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plans were in process for a counterattack against the German southern flank, but General Patton, charged with this operation, would not have his troops in readiness before 22 December and feared that in the interim the enemy would launch a spoiling attack from the Echternach area.

With the main weight of the Seventh Army echeloned forward on its right (western) wing, pressure to regain contact and to grapple with the 109th Infantry was stepped up during the night of 20 December. The 352d Volks Grenadier Division pushed through Ettelbruck and probed cautiously in the dark, searching to the west and south for the outlines of the 109th's new position. This advance onto the ridge rising in the triangle formed by the Wark Creek and Alzette River had a limited object. Luxembourg, an appetizing target, lay only fifteen miles south of Ettelbruck and on a good road, but the orders received by the 352d aimed solely at the quick acquisition of a good blocking position against any American riposte from the south. The objective of the 352d, therefore, was a line based on the villages of Bettborn and Bissen that would cut the main roads running north and northeast from Luxembourg and Arlon, respectively. Parts of two regiments, the 914th and 916th, went up against the outpost positions of the 106th Infantry on 21 December, gaining ground on both of the open flanks. For the Americans the fight was one to gain time (they permitted no serious penetration of the ridge position overlooking the Wark valley) until, on the morning of 22 December, troops of the incoming 80th Infantry Division headed north through their positions.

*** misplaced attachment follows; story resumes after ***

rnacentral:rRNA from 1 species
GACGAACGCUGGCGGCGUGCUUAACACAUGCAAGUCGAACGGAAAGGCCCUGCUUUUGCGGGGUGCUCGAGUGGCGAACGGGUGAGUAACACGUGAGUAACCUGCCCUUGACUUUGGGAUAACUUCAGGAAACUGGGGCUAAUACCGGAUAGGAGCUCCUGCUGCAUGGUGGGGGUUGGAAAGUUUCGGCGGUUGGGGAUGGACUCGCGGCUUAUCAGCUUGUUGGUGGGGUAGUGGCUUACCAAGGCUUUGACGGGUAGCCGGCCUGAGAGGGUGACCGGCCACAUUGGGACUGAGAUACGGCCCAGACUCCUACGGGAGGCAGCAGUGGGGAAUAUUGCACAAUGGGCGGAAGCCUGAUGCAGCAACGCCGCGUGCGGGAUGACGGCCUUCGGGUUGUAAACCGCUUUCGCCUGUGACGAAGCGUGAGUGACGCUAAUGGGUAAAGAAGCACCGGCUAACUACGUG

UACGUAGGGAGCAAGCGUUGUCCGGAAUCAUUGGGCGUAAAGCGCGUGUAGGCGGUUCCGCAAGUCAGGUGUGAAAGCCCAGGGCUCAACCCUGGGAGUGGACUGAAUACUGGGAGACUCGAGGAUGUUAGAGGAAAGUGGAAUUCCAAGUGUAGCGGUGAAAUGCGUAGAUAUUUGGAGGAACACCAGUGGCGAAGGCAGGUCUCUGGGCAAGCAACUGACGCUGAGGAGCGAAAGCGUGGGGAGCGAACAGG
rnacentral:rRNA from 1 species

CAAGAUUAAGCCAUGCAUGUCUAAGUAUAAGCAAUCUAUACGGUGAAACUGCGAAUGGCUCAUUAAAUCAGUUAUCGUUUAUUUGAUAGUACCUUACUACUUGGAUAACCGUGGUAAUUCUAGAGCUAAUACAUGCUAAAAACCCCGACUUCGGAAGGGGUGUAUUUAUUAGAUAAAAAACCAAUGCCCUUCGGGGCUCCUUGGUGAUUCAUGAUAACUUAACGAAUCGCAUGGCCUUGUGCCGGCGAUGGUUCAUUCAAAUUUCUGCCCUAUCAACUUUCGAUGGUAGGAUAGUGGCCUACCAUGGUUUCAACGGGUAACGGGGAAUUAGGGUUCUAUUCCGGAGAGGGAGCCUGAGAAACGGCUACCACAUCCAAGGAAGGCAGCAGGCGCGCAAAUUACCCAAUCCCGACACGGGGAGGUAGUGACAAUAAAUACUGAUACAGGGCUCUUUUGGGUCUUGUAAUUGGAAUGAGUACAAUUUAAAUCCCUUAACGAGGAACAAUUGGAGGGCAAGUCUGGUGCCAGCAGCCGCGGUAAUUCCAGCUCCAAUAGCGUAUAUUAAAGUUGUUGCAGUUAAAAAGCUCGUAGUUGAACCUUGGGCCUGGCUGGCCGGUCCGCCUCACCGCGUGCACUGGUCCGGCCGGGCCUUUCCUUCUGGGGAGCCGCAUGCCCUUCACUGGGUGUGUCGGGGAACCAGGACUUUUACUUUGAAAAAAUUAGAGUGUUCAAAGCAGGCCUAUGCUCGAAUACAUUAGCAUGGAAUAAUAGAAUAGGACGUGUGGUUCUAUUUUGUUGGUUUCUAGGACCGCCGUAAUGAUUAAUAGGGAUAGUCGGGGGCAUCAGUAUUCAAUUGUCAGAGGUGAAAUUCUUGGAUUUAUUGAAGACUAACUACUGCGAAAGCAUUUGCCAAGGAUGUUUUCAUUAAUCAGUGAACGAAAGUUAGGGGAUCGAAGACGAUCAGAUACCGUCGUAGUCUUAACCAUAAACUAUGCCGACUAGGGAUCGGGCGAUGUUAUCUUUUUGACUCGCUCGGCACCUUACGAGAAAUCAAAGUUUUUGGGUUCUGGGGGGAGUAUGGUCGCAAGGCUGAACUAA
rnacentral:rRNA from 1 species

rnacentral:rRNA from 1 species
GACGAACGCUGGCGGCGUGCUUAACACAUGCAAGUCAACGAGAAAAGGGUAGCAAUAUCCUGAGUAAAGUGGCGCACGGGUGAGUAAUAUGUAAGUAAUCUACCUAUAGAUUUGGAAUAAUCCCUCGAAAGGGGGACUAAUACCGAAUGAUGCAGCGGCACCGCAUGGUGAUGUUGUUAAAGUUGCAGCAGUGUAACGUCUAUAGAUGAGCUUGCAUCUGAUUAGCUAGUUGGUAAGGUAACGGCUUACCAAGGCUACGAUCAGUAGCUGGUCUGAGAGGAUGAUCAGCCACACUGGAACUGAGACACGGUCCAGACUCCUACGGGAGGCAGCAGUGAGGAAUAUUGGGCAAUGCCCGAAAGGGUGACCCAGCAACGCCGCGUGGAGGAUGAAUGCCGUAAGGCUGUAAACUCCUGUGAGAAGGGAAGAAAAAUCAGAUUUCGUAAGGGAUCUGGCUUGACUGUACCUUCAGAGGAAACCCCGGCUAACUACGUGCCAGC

To the south and east the 276th Volks Grenadier Division, now some distance from the 352d, re-formed its two leading regiments on a common front and worked feverishly to bring artillery ammunition and supplies forward from bridges which at long last were in operation. It appears that the new division commander of the 276th had ordered a limited attack for 21 December, intended to carry from Waldbillig to Christnach and the more readily defended creek line there. Late on the previous day a few assault guns, probably no more than five or six, had arrived west of the river. These weapons, it was hoped, would lend the tired German infantry the necessary punch.

In the 9th Armored Division (-) sector plans were under way to retake Waldbillig, using Task Force Chamberlain of the 10th Armored Division, which had been reorganized with a strength of thirteen medium tanks and two much understrength armored infantry companies (total: 130 men). Before the German attack got under way on 21 December Task Force Chamberlain attacked toward Waldbillig. The Shermans, protected by tank destroyers over-watching on the flanks, negotiated the dangerous skyline crossing on the ridge between Christnach and Waldbillig and by noon were in Waldbillig.

Reports that the enemy had withdrawn proved erroneous the moment that the supporting infantry started to move up with the tanks. Mortar and rifle